- Intervene early and where possible, support recovery at work by checking in with your worker regarding their wellbeing.
- When planning return to work after a psychological injury, address the factors that caused the injury before your worker returns – just as you do for a physical injury.
- Seek input from the treating health providers when you develop suitable duties plans to prevent the risk of re-injury.
- Be aware of the indicators of potential distress including physical, emotional, cognitive, behavioural and within the business (as outlined in the Mentally Healthy Workplaces Toolkit (PDF, 11.4 MB)).
Why this is important
Workers recovering from a psychological injury are more likely to be away from work for longer. Claims data shows that over the past five years, 37.5 per cent of workers with a psychological injury were away from work for more than 130 days, compared to 10.5 per cent for all injuries. Psychological injuries also cost more, primarily due to weekly compensation paid while they are away from work.
The longer a worker is away, the less likely they are to return. The return-to-work rate for psychological injuries reduces significantly after three months: from 98.6 per cent at 6-10 days away from work, to 73.9 per cent for 131-260 days away from work.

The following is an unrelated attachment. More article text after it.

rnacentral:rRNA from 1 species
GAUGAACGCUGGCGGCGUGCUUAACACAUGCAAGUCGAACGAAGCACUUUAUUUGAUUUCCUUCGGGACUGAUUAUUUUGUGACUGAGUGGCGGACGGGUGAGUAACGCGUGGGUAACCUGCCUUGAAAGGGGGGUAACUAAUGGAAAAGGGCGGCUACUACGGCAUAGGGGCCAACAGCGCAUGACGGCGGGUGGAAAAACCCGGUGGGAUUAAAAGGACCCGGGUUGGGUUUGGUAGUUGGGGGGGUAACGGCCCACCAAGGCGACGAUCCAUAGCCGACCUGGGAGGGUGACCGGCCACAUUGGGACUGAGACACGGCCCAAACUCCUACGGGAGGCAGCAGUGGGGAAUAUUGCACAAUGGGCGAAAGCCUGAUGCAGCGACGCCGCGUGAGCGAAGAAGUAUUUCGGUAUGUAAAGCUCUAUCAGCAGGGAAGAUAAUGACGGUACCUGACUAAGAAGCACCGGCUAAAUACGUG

You can make a real difference supporting recovery and return to work by implementing these best practices to help reduce an injured worker’s time away.
- Read our tips for maintaining open and regular communication with workers experiencing a psychological injury.
- Check out Griffith University’s recently released research to support workers’ psychological responses to injury and successful return to work.
- Safe Work Australia’s Work-related psychological health and safety guidance provides tips on how to intervene early and support recovery.
- Queensland introduced simplified workers’ compensation for first responders experiencing PTSD in 2021. Find out about the eligibility criteria and read the FAQs.
- Prioritise your own self-care and be aware of the symptoms of vicarious trauma.
- Watch Robyn Neilson’s Safety Advocate film – Her life in my hands – the Robyn Nielson story. Robyn was a first responder to her neighbour who had her arm caught in machinery on a remote cattle property. Her story is a poignant reminder of the importance of preparing for a workplace emergency and explores the impact a traumatic event can have on workers and first responders.
- Share contact details for the Workers' Psychological Support Service with workers experiencing a work-related psychological injury. This free and independent service is staffed by experienced social workers who provide support and guidance and connect workers with community services appropriate to their needs.